Earlier this week, Governor Andrew Cuomo signed a set of bills into law intended to give patients suffering from terminal conditions the ability to get their hands on medical cannabis prior to the official program going public.
At the eleventh hour, Governor Cuomo responded to the pleas of a number of severely ill patients by signing the “Emergency Access” legislation into law. The bills, which received an overwhelming response in the state legislature over the summer, were sent to Cuomo’s office at the end of October for his signature or veto. Although an initial statement from the governor’s office suggested that he would “review the legislation in the context of implementing the Compassionate Care Act,” Cuomo moved forward with some action.
“I deeply sympathize with New Yorkers suffering from serious illness and I appreciate that medical marijuana may alleviate their chronic pain and debilitating symptoms,” Cuomo said in a statement attached to the signed bills. “I am also mindful, however, of the overarching authority, jurisdiction and oversight of the federal government.”
It would not be inaccurate to suggest that the Governor may have been forcefully persuaded to put this legislation to work. After all, Cuomo has not exactly been a strong supporter of these bills or the full medical marijuana program pushed through the state legislature in 2014. Some lawmakers have said that the governor is the primary reason the Compassionate Care Act came out as restrictive as it is.
State Senator Savino, who was instrumental in the passing of the Compassionate Care Act, even went so far as to call the governor out during a meeting hosted last year by the International Cannabis Association, saying that Cuomo “was not interested in medical marijuana…and, in fact, told me so on more than one occasion.”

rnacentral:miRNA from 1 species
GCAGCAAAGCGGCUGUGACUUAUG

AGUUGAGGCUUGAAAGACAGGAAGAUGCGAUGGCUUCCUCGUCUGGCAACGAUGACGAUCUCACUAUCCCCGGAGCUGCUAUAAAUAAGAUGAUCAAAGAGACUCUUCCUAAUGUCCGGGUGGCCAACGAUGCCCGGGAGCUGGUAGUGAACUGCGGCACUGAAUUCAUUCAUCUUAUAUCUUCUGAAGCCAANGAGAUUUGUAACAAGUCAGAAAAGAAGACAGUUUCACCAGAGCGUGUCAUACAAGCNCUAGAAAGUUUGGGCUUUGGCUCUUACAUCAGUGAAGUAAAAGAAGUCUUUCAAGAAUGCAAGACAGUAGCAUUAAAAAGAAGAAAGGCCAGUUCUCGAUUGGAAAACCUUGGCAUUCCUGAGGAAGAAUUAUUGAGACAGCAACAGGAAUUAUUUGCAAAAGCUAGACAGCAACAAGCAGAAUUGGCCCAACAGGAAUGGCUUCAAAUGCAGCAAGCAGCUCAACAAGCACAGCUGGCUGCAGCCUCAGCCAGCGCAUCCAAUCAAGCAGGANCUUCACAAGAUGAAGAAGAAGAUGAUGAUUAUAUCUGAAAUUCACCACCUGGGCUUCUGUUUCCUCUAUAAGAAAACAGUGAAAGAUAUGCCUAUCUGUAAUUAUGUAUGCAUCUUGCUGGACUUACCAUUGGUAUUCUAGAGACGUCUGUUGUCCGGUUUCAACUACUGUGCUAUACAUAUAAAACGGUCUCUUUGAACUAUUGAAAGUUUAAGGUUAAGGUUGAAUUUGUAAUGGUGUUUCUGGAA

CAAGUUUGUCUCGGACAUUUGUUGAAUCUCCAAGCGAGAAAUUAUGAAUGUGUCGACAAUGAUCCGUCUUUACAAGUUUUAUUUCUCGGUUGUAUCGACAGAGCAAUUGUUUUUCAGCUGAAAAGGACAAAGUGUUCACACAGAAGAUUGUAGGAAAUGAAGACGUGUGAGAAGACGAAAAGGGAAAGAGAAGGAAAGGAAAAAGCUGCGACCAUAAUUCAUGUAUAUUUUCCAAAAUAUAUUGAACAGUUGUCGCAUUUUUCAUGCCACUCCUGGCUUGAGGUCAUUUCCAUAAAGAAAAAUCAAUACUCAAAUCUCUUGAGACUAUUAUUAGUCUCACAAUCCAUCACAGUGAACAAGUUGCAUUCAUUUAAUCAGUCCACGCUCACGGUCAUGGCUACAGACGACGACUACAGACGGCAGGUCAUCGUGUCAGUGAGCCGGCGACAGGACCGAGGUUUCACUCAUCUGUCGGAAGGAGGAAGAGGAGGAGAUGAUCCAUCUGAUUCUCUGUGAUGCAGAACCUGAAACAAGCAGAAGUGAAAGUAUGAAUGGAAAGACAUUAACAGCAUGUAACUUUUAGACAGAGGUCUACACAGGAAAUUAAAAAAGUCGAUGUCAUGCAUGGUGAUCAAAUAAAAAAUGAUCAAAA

Comments like this, connected with official statements from the governor’s office that suggest emergency access would only receive some consideration, is a pretty good indication that Cuomo’s decision to sign was not done with a smile.
Although some lawmakers, like Senator Joseph Griffo, felt strongly that the governor would sign the emergency access bills, there was a level of apprehensiveness for the importance of such a measure due to its failure to consider the overall goal of the state’s medical marijuana program. After the bills were approved in the legislature, Senator Savino argued that it was important “to stay on the course we have set” and to forget about legislation that only caters to a select few.
Unfortunately, while the emergency access plan sounds great at face value, there are some obvious problems that may prevent it from actually helping patients who need it most.
In order for a terminally ill patient to begin purchasing medical marijuana, their primary care physician must first write them a certification. This is a problem because some of the latest reports suggest few doctors have expressed a willingness to participate in the program. A recent poll found that only 1 out of 500 New York doctors said they planned to provide recommendations for their patients once the program got underway. To make things worse, the State Health Department is requiring interested physicians to go through a $250, 4-hour online training course before they can participate. Health officials have refused to divulge just how many physicians are currently enrolled.
With only two months until New York launches its full program, it seems doubtful that any patient will reap the benefits of the governor’s latest action.
Should every state have an emergency medical cannabis program? Tell us what you think in the comments.